NewsWar impacts Russian companies, leading to massive monetary losses

War impacts Russian companies, leading to massive monetary losses

War weakens Russian companies. They lost a lot of money.
War weakens Russian companies. They lost a lot of money.
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8:44 AM EST, December 5, 2023

The war in Ukraine, orchestrated by President Vladimir Putin, is not only affecting Ukrainians but also causing significant losses to Russian businesses. From January to June 2023, their revenues amounted to 342.2 billion rubles, a dramatic drop from 694 billion rubles recorded during the same period in the previous year.

A review conducted by "The Moscow Times" has shed light on the financial predicament Russian firms face during the war. The data from the Federal Tax Service's analytical portal reveals a stark decline in revenues of Russian companies in the first half of 2023. The revenue for the period from January to June was 342.2 billion rubles, compared to 694 billion rubles during the corresponding period of the preceding year.

An analysis from Russia's Bank of financial stability notes a 41 percent fall in revenue for the largest oil and gas exporters, compared to the same period last year.

Fyodor Akulinan, an Associate Professor at the Department of Corporate Order and Innovation, suggests the plunging average price of the Russian brand of oil, Ural, contributes to the slump in revenues. Data from the Ministry of Finance shows that the Ural's cost was $62.89 per barrel from January to November 2023, marking a 25 percent decrease from the previous year.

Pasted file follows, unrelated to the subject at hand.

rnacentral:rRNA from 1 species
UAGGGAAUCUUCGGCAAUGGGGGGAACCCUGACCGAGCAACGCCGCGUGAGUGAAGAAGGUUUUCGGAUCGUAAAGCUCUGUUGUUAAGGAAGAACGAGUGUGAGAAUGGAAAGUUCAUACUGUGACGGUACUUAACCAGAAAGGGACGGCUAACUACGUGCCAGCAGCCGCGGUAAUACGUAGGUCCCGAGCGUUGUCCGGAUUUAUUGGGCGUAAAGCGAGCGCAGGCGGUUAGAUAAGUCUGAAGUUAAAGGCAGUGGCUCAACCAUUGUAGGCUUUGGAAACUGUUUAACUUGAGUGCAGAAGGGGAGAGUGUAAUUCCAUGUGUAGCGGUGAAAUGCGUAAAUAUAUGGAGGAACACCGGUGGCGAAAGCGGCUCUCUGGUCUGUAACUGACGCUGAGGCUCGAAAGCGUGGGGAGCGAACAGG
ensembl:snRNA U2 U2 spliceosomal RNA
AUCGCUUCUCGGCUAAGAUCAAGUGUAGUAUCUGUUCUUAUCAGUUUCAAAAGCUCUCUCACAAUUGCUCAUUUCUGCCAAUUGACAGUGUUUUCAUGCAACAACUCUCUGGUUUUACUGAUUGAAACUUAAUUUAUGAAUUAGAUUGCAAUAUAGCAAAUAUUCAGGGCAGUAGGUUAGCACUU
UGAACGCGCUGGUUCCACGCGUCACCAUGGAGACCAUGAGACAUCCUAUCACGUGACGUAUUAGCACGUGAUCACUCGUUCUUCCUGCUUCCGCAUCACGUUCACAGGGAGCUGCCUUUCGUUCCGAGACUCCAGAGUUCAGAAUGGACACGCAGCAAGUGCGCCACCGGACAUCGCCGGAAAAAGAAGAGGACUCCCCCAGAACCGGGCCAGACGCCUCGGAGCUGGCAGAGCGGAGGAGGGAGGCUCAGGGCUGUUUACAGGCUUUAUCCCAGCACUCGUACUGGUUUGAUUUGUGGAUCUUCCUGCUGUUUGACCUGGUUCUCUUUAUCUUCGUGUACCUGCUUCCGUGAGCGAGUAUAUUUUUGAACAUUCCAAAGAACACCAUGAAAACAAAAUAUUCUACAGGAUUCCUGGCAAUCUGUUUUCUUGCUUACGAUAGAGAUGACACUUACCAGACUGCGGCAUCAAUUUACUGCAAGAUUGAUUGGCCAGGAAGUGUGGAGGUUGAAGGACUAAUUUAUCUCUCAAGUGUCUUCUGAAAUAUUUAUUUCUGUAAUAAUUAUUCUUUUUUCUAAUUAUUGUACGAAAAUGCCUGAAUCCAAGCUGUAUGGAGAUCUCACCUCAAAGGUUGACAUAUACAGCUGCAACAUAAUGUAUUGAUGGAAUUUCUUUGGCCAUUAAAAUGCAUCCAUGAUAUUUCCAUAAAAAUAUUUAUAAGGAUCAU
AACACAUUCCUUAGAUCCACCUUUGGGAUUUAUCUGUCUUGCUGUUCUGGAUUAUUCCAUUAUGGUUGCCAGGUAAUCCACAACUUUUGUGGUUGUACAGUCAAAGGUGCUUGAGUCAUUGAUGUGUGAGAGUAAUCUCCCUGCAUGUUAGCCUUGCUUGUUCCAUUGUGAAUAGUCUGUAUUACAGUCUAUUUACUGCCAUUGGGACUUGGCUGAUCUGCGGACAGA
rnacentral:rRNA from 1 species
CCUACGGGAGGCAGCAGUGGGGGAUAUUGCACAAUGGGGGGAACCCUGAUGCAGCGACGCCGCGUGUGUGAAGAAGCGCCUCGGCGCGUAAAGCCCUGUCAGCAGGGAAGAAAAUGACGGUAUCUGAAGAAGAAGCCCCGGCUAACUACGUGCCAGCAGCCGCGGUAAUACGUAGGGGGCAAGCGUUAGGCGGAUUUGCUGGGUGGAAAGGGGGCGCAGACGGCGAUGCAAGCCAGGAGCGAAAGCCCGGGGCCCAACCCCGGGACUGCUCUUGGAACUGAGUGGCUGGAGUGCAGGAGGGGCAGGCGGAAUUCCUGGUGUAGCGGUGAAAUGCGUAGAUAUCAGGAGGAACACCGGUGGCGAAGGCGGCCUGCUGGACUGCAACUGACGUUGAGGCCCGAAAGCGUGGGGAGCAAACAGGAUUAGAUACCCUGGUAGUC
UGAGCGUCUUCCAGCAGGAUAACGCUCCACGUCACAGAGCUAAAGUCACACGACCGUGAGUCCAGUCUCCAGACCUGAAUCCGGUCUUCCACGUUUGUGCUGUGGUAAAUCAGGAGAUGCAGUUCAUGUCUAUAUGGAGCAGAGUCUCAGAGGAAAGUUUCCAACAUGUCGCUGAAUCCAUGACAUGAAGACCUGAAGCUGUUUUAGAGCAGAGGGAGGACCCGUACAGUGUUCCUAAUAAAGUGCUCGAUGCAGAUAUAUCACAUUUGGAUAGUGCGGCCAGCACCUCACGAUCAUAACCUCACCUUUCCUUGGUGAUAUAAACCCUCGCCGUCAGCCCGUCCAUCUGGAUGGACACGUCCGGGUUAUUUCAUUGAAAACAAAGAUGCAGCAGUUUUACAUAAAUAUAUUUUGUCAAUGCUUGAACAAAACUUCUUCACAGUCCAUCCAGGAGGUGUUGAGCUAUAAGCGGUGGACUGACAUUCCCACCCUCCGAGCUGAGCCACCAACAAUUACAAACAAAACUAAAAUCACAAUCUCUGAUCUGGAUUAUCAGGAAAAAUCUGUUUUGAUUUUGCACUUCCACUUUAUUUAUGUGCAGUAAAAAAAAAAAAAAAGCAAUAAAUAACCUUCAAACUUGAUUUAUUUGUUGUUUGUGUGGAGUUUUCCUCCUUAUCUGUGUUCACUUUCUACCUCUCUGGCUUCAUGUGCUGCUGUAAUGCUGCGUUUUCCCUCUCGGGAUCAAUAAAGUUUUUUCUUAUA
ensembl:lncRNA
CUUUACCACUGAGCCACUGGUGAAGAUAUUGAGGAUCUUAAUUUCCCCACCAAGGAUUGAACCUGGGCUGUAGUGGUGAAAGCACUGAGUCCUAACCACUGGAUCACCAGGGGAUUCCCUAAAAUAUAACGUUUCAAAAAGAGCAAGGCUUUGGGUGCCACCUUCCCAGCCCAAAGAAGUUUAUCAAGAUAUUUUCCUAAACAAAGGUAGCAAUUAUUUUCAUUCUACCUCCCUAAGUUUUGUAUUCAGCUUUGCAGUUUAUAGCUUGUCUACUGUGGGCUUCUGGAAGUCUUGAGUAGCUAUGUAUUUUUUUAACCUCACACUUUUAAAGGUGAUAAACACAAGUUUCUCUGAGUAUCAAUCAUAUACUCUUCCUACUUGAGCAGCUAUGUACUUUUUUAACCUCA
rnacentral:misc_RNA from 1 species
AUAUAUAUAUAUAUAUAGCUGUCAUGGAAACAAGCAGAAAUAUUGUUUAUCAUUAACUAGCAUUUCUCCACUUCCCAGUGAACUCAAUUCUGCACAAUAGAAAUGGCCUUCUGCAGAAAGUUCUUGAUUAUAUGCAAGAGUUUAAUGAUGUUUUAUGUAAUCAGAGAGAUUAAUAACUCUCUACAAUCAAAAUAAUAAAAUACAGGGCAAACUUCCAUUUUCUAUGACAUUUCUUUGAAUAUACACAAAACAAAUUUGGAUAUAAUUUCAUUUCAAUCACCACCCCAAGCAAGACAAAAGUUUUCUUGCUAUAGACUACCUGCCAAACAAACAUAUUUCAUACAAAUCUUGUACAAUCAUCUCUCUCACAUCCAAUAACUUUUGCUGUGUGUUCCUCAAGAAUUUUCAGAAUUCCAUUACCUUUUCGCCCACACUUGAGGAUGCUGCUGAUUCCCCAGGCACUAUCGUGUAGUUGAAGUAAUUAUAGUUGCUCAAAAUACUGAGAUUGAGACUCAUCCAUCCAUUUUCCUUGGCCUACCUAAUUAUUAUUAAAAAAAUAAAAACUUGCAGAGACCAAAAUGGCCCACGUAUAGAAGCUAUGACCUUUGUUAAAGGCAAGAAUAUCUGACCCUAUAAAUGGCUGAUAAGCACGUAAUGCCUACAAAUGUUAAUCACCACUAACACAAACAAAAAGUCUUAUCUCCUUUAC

Sergey Gebel, the CEO of Gebel Consulting Group, asserts that the drop in company revenues can be attributed to sanctions, logistics hitches, and restructuring of production processes.

"It is highly unlikely that company revenues will bounce back to previous years' levels by the end of the year," cautions ASTRA-SB manager Anton Vdovichenko.

He opines that the geopolitical situation coupled with volatile oil prices will significantly influence Russia's domestic economy for many years.

Putin turns to businesses in search of war funds

With 2.5 months remaining to mark two years since Russia initiated the unlawful invasion of Ukraine, Western sanctions aimed at depriving the Kremlin of war funds are biting. President Vladimir Putin, predictably, is doing all it takes to prevent financial exhaustion.

Russia is considering the imposition of a super-profit tax on large firms, as a strategy to replenish its depleted budget. Interestingly, this proposal does not extend to the wealthy Russian businesses operating in the oil and gas sector.

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